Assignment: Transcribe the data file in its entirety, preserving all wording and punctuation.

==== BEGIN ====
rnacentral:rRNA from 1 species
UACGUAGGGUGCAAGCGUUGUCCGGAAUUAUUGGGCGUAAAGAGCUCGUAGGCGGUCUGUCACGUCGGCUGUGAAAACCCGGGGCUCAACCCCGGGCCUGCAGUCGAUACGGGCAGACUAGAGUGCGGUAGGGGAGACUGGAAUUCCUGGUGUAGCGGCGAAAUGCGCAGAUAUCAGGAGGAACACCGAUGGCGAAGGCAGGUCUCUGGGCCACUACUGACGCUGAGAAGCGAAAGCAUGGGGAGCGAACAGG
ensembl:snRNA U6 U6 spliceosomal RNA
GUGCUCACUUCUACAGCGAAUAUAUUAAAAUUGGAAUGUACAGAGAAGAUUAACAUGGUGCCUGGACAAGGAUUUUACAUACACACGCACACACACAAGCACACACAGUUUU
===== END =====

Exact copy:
rnacentral:rRNA from 1 species
UACGUAGGGUGCAAGCGUUGUCCGGAAUUAUUGGGCGUAAAGAGCUCGUAGGCGGUCUGUCACGUCGGCUGUGAAAACCCGGGGCUCAACCCCGGGCCUGCAGUCGAUACGGGCAGACUAGAGUGCGGUAGGGGAGACUGGAAUUCCUGGUGUAGCGGCGAAAUGCGCAGAUAUCAGGAGGAACACCGAUGGCGAAGGCAGGUCUCUGGGCCACUACUGACGCUGAGAAGCGAAAGCAUGGGGAGCGAACAGG
ensembl:snRNA U6 U6 spliceosomal RNA
GUGCUCACUUCUACAGCGAAUAUAUUAAAAUUGGAAUGUACAGAGAAGAUUAACAUGGUGCCUGGACAAGGAUUUUACAUACACACGCACACACACAAGCACACACAGUUUU